While there is plenty to love about the LG G2's interface and features, there are some areas where LG needs to improve upon. I found the general UI to be a bit too familiar to the Samsung TouchWiz. LG needs to create an identity of it's own much like Samsung has done with TouchWiz or HTC with SenseUI that are vastly different. A possible approach might be partnering with one of the new Android launcher developers such as Smart Launcher or Buzz Launcher. And although the G2 has a fairly decent set of features that are functional, there are some purely gimmicky such as Slide Aside that lets you access three of your commonly used apps through a three finger swipe which is not very practical and often causes unintentional taps in your apps when you're trying to activate it.
In order to qualify for a high-end device, a phone has to feature a good camera. LG equips the G2 with a 13MP camera long with Optical Image Stabilization (OIS) that helps against shaky hands. The camera has a 9 point auto-focus that, in my tests, takes a bit of a time to lock on. I also noticed that the G2 prefers to take pictures without firing the flash even when flash is set to auto and light levels are a bit on the lower side. Thus, quick snaps generally resulted in a slightly blurry image but if you take your time with the camera, you can get some pretty impressive results. On the video side, the G2 is capable of shooting full HD at 60fps. The OIS helps take more stable videos than some of the other phone cameras I have tested recently. Here are some samples from the G2 camera.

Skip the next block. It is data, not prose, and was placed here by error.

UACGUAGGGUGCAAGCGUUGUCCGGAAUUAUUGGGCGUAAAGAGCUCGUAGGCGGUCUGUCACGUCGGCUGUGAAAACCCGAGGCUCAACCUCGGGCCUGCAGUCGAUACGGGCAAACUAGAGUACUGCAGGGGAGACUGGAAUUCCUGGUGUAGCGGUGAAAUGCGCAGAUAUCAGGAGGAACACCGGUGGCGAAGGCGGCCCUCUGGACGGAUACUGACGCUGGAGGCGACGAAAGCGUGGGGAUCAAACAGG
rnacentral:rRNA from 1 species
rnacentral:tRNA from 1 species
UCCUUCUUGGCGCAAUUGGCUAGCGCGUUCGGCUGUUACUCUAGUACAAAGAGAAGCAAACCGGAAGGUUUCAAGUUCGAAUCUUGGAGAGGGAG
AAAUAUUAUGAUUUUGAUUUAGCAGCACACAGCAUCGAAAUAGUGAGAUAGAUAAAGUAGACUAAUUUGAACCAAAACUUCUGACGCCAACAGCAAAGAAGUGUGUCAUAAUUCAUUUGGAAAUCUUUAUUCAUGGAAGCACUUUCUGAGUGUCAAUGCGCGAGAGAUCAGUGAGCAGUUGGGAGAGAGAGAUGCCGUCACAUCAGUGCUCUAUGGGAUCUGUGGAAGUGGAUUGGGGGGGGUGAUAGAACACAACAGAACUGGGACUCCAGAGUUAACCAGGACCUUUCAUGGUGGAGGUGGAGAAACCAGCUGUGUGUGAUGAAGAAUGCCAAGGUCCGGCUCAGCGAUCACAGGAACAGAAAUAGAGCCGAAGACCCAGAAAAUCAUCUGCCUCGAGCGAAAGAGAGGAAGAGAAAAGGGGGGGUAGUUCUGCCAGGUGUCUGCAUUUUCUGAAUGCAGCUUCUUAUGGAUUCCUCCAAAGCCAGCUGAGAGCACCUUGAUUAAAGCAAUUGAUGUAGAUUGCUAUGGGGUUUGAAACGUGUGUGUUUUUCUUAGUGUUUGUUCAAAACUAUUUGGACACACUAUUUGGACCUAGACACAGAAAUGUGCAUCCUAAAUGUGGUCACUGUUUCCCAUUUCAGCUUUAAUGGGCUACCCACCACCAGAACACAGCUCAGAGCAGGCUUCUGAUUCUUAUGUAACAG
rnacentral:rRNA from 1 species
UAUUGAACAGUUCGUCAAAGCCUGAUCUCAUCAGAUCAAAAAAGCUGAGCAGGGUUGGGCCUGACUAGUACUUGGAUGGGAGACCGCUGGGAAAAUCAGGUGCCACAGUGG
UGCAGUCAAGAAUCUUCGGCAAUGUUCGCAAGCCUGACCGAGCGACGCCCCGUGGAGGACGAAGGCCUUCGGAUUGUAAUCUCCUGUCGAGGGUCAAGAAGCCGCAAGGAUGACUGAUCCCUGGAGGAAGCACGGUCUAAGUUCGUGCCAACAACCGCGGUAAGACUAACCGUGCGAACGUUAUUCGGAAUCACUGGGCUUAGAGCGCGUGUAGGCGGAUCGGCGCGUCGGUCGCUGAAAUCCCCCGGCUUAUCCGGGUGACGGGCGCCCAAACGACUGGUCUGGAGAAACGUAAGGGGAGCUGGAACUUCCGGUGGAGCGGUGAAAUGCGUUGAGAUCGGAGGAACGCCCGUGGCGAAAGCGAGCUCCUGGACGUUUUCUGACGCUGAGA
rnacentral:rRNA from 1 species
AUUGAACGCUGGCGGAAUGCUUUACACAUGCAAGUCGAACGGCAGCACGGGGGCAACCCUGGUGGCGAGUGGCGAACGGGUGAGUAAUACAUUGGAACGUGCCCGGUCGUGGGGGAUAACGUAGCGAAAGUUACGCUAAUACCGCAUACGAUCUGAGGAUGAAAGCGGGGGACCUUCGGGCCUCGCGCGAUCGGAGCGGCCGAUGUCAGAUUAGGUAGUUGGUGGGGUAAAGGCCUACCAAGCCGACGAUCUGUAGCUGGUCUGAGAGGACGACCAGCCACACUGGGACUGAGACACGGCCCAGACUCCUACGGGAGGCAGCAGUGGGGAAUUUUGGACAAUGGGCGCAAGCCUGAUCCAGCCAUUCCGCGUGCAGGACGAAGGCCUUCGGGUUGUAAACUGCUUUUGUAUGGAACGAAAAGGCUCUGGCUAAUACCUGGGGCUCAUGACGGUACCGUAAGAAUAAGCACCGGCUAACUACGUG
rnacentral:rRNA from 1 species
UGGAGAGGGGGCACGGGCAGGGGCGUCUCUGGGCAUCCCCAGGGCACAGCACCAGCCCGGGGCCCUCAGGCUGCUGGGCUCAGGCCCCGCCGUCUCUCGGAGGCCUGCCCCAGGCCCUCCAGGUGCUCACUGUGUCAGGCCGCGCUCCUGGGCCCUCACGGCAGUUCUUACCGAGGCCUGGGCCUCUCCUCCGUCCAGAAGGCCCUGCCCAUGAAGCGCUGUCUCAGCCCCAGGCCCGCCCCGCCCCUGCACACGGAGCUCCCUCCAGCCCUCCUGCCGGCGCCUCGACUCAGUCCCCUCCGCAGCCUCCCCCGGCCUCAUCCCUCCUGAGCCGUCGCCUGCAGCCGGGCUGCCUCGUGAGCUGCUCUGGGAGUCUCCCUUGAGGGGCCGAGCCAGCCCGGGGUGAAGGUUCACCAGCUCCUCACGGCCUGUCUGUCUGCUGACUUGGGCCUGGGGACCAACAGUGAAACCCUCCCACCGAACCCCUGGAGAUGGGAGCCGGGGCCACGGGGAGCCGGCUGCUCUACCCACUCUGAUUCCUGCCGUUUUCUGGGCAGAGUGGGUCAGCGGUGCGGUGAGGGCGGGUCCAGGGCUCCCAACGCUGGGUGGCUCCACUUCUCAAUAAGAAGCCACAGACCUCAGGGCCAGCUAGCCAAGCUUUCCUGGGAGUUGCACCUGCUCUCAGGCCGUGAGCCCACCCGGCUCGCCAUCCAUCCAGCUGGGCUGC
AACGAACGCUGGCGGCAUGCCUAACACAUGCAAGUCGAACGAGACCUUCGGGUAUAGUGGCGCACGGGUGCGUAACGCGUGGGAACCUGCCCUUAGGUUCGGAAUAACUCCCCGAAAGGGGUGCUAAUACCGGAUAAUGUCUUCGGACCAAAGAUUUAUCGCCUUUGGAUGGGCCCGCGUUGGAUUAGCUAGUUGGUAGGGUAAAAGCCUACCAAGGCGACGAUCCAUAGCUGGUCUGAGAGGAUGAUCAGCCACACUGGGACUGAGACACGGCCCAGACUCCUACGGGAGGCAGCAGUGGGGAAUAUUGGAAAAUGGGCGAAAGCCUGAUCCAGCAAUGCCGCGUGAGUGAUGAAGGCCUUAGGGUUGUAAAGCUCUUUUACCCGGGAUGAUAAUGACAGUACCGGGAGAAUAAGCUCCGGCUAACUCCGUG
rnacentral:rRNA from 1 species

The LG G2 is equipped with a 3000mAh battery which is not necessarily the highest capacity battery we've seen but considering the size of the G2, it is quite impressive. LG has cleverly utilized a step-design that minimizes the dead space found in batteries. This allows them to use a smaller sized battery without sacrificing the capacity.
Graphic RAM or GRAM is another tweak that LG has done to maximize battery life on the G2. GRAM decreases the smartphone's energy consumption by up to 26% on a still frame, and increases the usage time for the device by approximately 10%. Finally LG also supports
With all of these technologies in place, expect the battery on the LG G2 to last for quite a while. Not once did the LG G2 run out of juice during my week long testing. The closest I came was getting it down to 7% and that was on a day when I used the GPS to guide me from
The LG G2 surprised me in a good way. I was expected a good phone but the G2 has everything it takes to be a GREAT phone. There are a few rough edges that LG needs to work on such as the non-expandable 16GB capacity, the very shiny back cover that attracts fingerprints or the UI that could do with a bit of refinement. But overall, there is so much to love about the G2 that all these things become secondary. In short, LG has created a beautiful device that is very much on the same level (and sometimes better) than Samsung or
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